Lawyers at the Peak of Their Careers: A 30-Year Longitudinal Study of Job and Life Satisfaction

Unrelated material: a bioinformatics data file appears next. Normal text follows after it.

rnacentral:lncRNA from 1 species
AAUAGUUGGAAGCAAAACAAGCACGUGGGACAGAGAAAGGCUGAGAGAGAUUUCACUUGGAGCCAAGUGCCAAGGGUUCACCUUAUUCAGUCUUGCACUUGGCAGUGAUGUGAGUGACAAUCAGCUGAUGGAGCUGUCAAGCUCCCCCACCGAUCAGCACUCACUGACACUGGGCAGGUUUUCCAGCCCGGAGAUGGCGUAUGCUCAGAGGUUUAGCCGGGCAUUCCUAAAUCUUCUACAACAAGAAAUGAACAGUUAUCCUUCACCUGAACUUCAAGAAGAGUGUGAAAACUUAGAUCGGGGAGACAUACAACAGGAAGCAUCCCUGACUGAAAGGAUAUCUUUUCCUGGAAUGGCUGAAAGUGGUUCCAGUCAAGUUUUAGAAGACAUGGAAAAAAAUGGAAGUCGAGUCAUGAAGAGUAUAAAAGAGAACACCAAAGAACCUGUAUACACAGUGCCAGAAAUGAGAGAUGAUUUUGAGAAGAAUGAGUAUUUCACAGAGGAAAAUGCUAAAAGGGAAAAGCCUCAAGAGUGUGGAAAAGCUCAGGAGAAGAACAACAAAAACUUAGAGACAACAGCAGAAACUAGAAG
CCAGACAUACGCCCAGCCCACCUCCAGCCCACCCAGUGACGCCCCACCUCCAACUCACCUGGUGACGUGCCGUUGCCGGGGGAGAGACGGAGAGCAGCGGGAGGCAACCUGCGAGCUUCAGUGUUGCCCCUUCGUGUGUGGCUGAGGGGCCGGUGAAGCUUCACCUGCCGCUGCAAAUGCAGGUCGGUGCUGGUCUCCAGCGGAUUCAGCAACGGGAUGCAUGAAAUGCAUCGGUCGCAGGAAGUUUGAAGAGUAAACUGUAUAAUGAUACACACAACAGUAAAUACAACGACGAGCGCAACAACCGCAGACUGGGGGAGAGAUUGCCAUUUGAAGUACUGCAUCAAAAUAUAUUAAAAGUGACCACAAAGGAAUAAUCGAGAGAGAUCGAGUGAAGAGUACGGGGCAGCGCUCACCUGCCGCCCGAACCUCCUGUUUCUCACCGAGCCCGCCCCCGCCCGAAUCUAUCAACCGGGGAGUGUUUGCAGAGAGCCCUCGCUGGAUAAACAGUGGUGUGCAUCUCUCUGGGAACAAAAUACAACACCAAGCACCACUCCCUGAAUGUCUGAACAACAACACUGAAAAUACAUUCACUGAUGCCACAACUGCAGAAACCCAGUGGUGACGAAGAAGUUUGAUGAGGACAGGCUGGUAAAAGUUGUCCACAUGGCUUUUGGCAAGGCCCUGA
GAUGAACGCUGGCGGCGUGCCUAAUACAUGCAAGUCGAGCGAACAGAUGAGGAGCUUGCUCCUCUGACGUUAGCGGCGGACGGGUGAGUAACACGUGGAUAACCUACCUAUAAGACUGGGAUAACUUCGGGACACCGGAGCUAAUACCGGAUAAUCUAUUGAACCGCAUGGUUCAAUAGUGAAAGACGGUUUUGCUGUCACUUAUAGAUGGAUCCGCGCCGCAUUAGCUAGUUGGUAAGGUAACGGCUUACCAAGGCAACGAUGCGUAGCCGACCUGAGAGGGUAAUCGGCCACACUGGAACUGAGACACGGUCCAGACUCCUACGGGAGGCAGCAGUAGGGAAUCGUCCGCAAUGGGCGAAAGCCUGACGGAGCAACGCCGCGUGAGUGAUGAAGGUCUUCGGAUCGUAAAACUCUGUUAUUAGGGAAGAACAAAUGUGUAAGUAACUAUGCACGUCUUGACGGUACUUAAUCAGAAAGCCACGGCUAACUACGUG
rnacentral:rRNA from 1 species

© 2019 Cornell Law School and Wiley Periodicals, Inc. A decade ago, we conducted a 20-year longitudinal study of career and life satisfaction among the class matriculating at the University of Virginia School of Law in 1987. Here, we extend our repeated measures follow-up from 20 to 30 years—from the time when respondents were a mean of 43 to the time they were a mean of 53 years old. The 2017 survey employed substantially the same instrument used in 2007, with the addition of a new section assessing potential period effects occurring over the past decade that might have influenced respondents' working conditions, including a stronger stress on economic sustainability. The 2017 response rate was 81 percent of those who had responded to the 2007 survey (constituting 58 percent of the class matriculating in 1987). We found respondents to have taken diverse career paths, with no single work setting accounting for more than one-quarter of the respondents and with fully one-third of the respondents changing jobs in the past decade. Marked gender differences in the professional lives of respondents persisted (e.g., women continued to be much more likely than men to forego full-time employment “in order to care for children” (30 percent vs. 4 percent)). Working conditions at large private law firms stayed problematic, with the portion of respondents negatively affected by a stronger stress on economic sustainability being twice as high among those working in large firms (77 percent) than among those working in other settings (38 percent). Finally, both career satisfaction and life satisfaction again were found to be high, with 77 percent of respondents satisfied with the decision to become a lawyer, and 91 percent satisfied with their lives more broadly.
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